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Thursday 12 January 2017

Scam: 01254522444, the fake BT engineer and 888DCA60-FC0A-11CF-8F0F-00C04FD7D062

In the past few weeks I have seen a huge upsurge in the number of Indian tech support scammers ringing, both at home and my place of work. (For example.. this).

One common trick they use revolves around this hexadecimal number 888DCA60-FC0A-11CF-8F0F-00C04FD7D062. Either it's a signal that hackers are at your PC, or it's your secret router ID that only BT would know.

The conversation goes something like this..

Victim: "But I don't get my internet from BT.."

Scammer: "BT provides all the internet connections for everyone else, including TalkTalk and Virgin Media."

Victim: "How do I know you're from BT?

Scammer: "There is a confidential Router ID that only BT will know. You can verify this to prove that we are BT."

The scammer then talks the victim through pressing -R then CMD (followed by OK) and then ASSOC (followed by RETURN). That simply produces a list of file associations (e.g. to say that .xlsx is an Excel spreadsheet). The line they want you to see is:
This is just something to do with how Windows  handles compressed files and folders. All Windows machines should have t his entry, but it looks sufficiently scary about to impress at least some victims.


However, if you want to waste their time please do so.. if you work in IT you can probably play a convincingly dumb user. It seems that they will try for up to 40 minutes or so before they give up. Alternatively, say that you have to get your laptop out from somewhere and it is very slow and just put them on hold. Every minute of their time you can waste will stop them targeting other potential victims.

And don't just ignore the call - report it. If you are in the UK you can report this sort of scam to Action Fraud - it will certainly help law enforcement if they have an idea of how many potential victims there are.


Jesse said...

They called this morning. Same game. Probably upping their call frequency in response to the recent hacking scare. Now are claiming to be with Microsoft. In background I think I could hear one of the other callers in the Indian call center collecting money from someone, so probably is a payday for the hackers right now.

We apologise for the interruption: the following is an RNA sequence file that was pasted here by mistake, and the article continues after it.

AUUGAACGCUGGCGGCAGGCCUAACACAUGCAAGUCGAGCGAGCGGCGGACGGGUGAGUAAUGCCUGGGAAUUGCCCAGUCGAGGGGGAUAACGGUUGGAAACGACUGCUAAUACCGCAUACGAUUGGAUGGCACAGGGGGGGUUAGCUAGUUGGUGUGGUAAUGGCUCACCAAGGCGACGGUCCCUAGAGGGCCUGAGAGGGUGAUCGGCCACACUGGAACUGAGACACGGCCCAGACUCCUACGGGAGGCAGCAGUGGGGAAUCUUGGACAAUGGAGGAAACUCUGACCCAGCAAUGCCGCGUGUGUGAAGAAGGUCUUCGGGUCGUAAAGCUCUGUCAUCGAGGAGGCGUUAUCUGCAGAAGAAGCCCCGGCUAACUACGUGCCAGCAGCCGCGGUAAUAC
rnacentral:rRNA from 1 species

El Comino said...

Same here. Supposedly 'Microsoft IT department' calling from the UK to my home number in the Netherlands. I tried to keep them busy as long as I could. He claimed to be calling from the UK. I just checked my incoming call log'(12 minutes before they hung up on me). They called from NL but the number is one digit too short. I will now contact my Phone Provider. It isn't he first time 'Microsoft call me.

Wendy said...

Received a call about 40 minutes ago. Gave me a name Ryan Peterson and a BT employee ID 860005285, the scam 32 digit code, the address 81 Newgate Street London EC1-this address I reported about 2 years ago, and a phone number 02031295164, although the number he called from was 07034399887.

I am also giving this information to BT and Action Fraud, I have already informed Microsoft.


Wendy said...

Received a call today using the same 32 digit license number
Details obtained Ryan Peterson BT ID number 860005285, 81 Newgate EC1, 02031295164, although he phoned from 07034399887.

Have reported this to Microsoft, will now contact Action Fraud and BT

Thierry Terrain said...

While talking with them I searched their phone number 0353587863 and the Modem number they gave me 88DCA60 and found this page. I said to the Indian on the end of the phone, “when I search your phone number and also the Modem number, the search shows SCAM”. Then they hung up.

A3aan said...

20180219 - same story, same number. I kind of feel sorry for those guys doing this job, in (poor) India I think. Next time they call I’l have the number ready on my (iPad) screen and tell HIM what my number is, to confuse him ;-) Is there really no solution to avoid these calls? Send troops? A drone?

HoolaHoop500 said...